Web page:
LAMOINE, Maine (NEWS CENTER)-- We would all like to think we are safe inside our homes, but for one Lamoine family this is no longer the case. Monday a stray .38 caliber bullet cut through the St. Pierre family home. The source of the bullet was a neighbor practicing his target shooting from hundreds of yards away.

Homeowner Joanne St. Pierre said, "We often hear this target practicing. If we hear it, we often stay inside until it's gone. It just so happen to go through our house this time."

The stray bullet entered through the back of their home, pierced the wall crossing the entryway, and exited out the front of the home.

St. Pierre said, "It's scary to think we could've lost a life. That is the height of my husband. Had he been walking out the door. Had he not gone back to change his shirt at that moment."

The family is speaking out hoping to spread awareness of the importance of gun safety.

"I come from a family of hunters, I have hunted. I just want people to be aware that they need to know where their bullets are going, they need to know and practice good gun safety," said St. Pierre.

The Hancock County Sheriff's office investigated the situation. The male responsible for the stray bullet admitted to police he was target shooting and did not intentionally hit the house.

According to the police report, no charges will be filed because "it was determined this was an unforeseeable incident."

Police did tell St. Pierre the man agreed to pay restitution. The family, however, is able to file a civil action lawsuit.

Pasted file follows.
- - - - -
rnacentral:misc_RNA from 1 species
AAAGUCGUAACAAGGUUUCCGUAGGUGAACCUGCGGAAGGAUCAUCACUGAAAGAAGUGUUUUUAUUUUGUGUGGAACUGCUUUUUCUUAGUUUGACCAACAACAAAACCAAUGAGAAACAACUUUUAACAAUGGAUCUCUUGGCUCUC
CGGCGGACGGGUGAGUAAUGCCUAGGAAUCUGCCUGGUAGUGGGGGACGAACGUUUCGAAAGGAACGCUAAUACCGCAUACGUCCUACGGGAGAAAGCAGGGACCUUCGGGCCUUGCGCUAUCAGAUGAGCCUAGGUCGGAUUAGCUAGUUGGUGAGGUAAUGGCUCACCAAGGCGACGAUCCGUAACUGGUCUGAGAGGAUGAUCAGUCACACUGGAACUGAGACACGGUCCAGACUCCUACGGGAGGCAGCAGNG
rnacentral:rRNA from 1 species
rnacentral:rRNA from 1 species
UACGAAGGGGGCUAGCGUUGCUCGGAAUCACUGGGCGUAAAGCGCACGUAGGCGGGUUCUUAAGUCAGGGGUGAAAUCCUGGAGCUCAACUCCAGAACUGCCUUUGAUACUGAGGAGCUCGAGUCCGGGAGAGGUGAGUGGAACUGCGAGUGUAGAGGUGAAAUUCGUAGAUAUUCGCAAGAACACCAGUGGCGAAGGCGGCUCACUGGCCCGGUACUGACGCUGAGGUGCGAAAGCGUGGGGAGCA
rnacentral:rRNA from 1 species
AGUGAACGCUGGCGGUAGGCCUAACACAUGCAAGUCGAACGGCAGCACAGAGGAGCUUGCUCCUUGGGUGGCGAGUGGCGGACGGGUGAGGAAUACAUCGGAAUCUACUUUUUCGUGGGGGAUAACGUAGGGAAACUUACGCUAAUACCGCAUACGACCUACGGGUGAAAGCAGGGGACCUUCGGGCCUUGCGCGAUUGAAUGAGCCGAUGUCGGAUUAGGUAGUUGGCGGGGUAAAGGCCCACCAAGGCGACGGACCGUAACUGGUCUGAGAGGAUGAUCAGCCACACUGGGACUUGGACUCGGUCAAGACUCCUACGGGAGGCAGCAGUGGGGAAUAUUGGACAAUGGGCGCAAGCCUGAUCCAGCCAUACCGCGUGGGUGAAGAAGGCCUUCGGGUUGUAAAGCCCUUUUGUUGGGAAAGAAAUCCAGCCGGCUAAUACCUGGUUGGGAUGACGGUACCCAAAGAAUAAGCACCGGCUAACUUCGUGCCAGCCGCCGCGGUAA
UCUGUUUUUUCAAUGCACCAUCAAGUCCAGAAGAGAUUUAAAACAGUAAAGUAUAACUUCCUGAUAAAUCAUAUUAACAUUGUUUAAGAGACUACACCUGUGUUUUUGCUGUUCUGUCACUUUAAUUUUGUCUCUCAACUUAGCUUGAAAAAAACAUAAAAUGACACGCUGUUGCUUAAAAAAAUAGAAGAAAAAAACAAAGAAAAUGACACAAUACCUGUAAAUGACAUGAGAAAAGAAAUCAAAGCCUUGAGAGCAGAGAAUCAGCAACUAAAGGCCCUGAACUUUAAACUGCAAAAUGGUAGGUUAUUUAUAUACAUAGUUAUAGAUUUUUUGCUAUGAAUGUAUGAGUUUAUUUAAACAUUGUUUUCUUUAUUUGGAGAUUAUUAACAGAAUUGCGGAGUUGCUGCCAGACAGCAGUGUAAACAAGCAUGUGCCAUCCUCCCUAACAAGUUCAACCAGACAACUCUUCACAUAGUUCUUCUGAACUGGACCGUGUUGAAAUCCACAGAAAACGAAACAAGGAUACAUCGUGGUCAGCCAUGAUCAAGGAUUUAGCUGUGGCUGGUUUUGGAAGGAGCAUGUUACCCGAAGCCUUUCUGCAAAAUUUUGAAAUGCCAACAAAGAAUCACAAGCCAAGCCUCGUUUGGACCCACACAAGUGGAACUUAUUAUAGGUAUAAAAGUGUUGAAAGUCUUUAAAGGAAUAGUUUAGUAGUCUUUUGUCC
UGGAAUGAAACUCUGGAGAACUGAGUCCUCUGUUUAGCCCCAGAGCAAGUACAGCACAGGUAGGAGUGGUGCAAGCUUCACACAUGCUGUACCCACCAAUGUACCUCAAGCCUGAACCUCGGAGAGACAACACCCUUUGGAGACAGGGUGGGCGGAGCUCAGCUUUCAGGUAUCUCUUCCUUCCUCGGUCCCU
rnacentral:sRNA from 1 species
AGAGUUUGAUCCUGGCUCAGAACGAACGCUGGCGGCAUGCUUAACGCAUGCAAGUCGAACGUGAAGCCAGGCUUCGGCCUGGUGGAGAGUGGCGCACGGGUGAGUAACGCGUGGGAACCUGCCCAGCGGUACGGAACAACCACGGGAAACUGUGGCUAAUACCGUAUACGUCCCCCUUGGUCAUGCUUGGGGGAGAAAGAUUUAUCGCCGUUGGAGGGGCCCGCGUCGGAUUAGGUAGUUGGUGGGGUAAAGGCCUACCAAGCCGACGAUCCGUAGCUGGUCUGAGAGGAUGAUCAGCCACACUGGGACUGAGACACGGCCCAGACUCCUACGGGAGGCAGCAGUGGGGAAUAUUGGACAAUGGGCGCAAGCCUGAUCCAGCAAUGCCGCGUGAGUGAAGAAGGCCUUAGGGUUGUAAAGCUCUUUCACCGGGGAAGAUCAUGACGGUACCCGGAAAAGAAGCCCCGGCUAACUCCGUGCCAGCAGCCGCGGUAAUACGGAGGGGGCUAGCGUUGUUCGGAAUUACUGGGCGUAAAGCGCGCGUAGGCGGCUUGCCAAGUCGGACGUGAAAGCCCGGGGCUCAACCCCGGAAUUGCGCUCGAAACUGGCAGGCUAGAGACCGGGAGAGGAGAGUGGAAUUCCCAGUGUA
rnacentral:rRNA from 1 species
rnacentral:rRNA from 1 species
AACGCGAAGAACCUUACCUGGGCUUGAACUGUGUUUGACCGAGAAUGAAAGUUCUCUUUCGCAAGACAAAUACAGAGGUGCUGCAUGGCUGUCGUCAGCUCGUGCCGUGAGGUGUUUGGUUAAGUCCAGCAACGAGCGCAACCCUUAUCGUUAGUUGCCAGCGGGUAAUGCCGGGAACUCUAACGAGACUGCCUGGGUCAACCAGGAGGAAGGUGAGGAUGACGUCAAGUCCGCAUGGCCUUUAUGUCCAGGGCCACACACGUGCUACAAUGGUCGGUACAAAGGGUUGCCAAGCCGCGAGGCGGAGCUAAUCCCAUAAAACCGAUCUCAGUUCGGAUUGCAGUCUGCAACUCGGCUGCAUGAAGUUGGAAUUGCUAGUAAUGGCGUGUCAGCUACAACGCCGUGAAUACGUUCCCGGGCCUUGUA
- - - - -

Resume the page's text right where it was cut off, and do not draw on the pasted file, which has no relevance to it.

This story sparked discussion in our newsroom and from some of our viewers at home as to when charges are brought against someone in a similar situation.

According to Penobscot County District Attorney Chris Almy, it is not illegal to target shoot at your home as long as you are a safe distance away from other homes or businesses. In the case where one of the shooter's bullets hits a home or even another person the prosecutors must prove the individual acted recklessly.

Reckless conduct is defined by Maine law "as the disregard of the risk, when viewed in light of the nature and purpose of the person's conduct and the circumstances known to the person must involve a gross deviation from the standard of conduct that a reasonable and prudent person would observe in the same situation."

Chris Almy with the Penobscot County District Attorney's office said, "It's difficult to sometimes decide if it should be a criminal case or not, but it all really comes down to a matter of degree. How big was the mistake that the shooter made. Was it a really stupid mistake or was it just an accident...reckless misconduct is designed for when a defendant is being really careless, not really thinking at all about the consequences of his conduct. It's not designed for accidents."

Although more often than not criminal charges are not brought against the shooter, the victims of the stray bullet are entitled to file a civil suit if they feel the individual acted negligent.

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